There is a faction within the research and development community who feel that we shouldn't talk about ambitious goals when it comes to human rejuvenation and adding many years to human life spans. They think that the best strategy is to focus on very incremental, modest goals in the treatment of aging. At the present time, that really means calorie restriction mimetic drugs and the like, approaches that are unlikely to be capable of outperforming the effects of good lifestyle choices. This seems like an extension of the old, bad days, in which researchers refused to talk about intervening in the aging process at all. It is optimizing for the ability to raise funds via grant and venture capital, while throwing away any hope of actually achieving meaningful goals. It is a willful relinquishment of the possible.
It is disappointing to see figures with a soapbox, such as Celine Halioua, part of Laura Deming's network, taking this easier road to what will likely be a wasted career, focused on technologies that will have little impact on human life span. That may seem a harsh judgement, but it has to be said. I'm singling out Halioua here only because she caught my attention on this topic today; there are plenty of other people I could point out who are set on a similar path, and with louder rhetoric. The coming decade is a crossroads, at which we collectively vote on whether the longevity industry will turn out to be largely supplement sellers, mTOR inhibitor developers, other metabolic manipulation of stress response mechanisms, and the like, all doing very little to affect longevity, or whether it will be senolytics to clear senescent cells and other SENS-like approaches to damage repair that will produce actual rejuvenation with the chance at adding decades to human life spans at the end of the day. This seems to me an important choice.
It is not hard to predict what will happen in a world in which the only discussions related to the treatment of aging focus on how to very modestly slow the aging process. It is not hard to see what the outcome will be in a world in which the rhetoric on aging is that it is brave and bold to produce technologies that can perform only a fraction as well as the practice of calorie restriction, which itself adds only a few years at most to human life span. The outcome will be that we will all die on much the same schedule as our parents and grandparents. The outcome will be that we will miss the opportunity to build and engage with biotechnologies capable of achieving far greater and more beneficial outcomes. At the large scale and over timeframes of decades, the industries of the world build the visions that are discussed most broadly, not the visions that go unspoken.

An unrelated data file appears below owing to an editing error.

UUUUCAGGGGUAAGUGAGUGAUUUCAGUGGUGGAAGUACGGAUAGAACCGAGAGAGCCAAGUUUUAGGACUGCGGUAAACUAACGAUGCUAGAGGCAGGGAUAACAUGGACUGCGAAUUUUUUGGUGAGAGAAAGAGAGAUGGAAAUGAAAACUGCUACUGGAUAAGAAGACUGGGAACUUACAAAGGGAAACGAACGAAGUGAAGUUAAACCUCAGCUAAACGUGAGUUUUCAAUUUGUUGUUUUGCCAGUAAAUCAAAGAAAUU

"I think the most controversial opinion I have from an aging standpoint, and something I'm pretty loud about, is that I think we have moved past the time where this 'immortality,' '1000 year old human,' even '150 year old human' narrative is helpful to the field," Celine Halioua told us. "The idea of an aging drug is completely non-controversial - it's basically a statin for every age related disease - it's a preventative mechanism for the worst diseases that we have. And that fits perfectly with standard pharma really, but it's not seen that way.
"We now have a lot of preclinical, research stage, things that have showed efficacy in non-human models, so we need to quickly develop some subset of them and show if they work or not. And this is really a time when you need to have strategic conservatism. There are set boundaries - you have to deal with regulatory agencies, the FDA, insurance payers, pharma, and you have to raise very sizable funding from people who are going to be turned away by these 1,000 year lifespan claims. And so I'm quite loud about that, because I think it's a trend I see in the aging field where people repeat these things over and over again, and I think it actually pulls back the field."
Halioua feels there's an argument to be made - and it's one with which she agrees - that the audacity of big statements were really critical in the 80s and 90s "when nobody was thinking about this field and nobody was paying attention. But I think we've moved past that time, so that's one of the big things that I want to talk about, and a key driver behind the article."
Taking about longevity and encouraging discussion promotes interest in the field and current research, of course, but as with all opinions, there are assenters and dissenters. "I think I definitely annoyed some people with the strategic conservatism thing. But debate is good - intelligent, data-based debate on these things is only a positive for the field. I'm 100% okay with being proven wrong on any and all of these points. My thesis on writing and putting stuff out there about aging is, if nothing else, it may incite somebody who has a better opinion or more informed opinion to then counter me, and then that gets published, so it really can't hurt."